Sat | Jul 31, 2021

CHEC it and dam it

Published:Sunday | September 7, 2014 | 12:00 AM
A section of the Rio Cobre dam in St Catherine.- File

Orville Taylor, Columnist

Thank you, China Harbour Engineering Company (CHEC), for completing the first part of the highway system which bypasses Mount Rosser. We will be forever in your debt. Actually literally, it will take 50 years for the financial obligations to be fulfilled, after which the road will be turned over to the Jamaican people.

That means that the Jamaican, who is yet to be born, will be around 25 years old when it is settled. Approximately half of Jamaica's population is 25 years old and older. Therefore, with an average life expectancy of 74 for this country, the majority of us will not live to see that day. But at least Vybz Kartel will have been out a good 14 years and with his modified complexion, will easily blend in with the new immigrants.

Now, let's make it clear, if the Chinese had not stepped in, the project would have been left in fallow, like a cane piece after reaping, with no idea as to when work would recommence, much less be completed. French contractors, Bouygues Travaux Publics had quit because of the failure of the Jamaican government to come up with more euros, despite Jamaica having spent around US$120 million. It is up to the public to say whether or not it was money well spent. Projected to fork out US$610 million, around US$75 million is estimated to have been chop-sticked to complete this leg. We were left with little choice but to go with humility like Kwai Chang Caine in the Shao Lin temple and take our licks as we learned a hard lesson in governance and management of our economy and infrastructure.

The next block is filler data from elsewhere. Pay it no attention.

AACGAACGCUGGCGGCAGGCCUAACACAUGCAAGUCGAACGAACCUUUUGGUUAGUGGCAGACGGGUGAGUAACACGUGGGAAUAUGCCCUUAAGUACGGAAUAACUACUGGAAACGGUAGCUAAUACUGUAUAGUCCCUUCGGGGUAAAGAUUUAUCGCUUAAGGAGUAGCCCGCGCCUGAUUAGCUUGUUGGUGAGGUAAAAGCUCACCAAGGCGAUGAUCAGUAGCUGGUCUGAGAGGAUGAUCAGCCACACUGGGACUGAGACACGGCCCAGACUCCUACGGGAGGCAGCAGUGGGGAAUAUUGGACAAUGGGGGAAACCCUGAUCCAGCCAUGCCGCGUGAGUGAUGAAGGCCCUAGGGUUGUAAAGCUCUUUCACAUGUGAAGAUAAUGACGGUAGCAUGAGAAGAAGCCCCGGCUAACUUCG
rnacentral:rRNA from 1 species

This looks like a more demanding deal than that which was struck with the French a decade ago. Although they delivered top-class roadways leading to Portmore, Clarendon and the Spanish Town roundabout, the toll on the Jamaican populace will only be felt for another 20 years. Nevertheless, Napoleon's descendants also required their pound of filet mignon. Their agreement binds the government to increase the toll or compensate the developer if there is any reduction in traffic levels on the toll road due to "the carrying out of works by or on behalf of the Government of Jamaica which: (a) provides a new rail public transport passenger link between Spanish Town and Kingston; or (b) enhances the speed or capacity of competing roads within the transport corridor served by the toll road".

In simple language, government can only touch-up Mandela; it cannot be widened, even if it wanted to make it fair for the fare paying commuter, who does not take the yellow chi chi buses.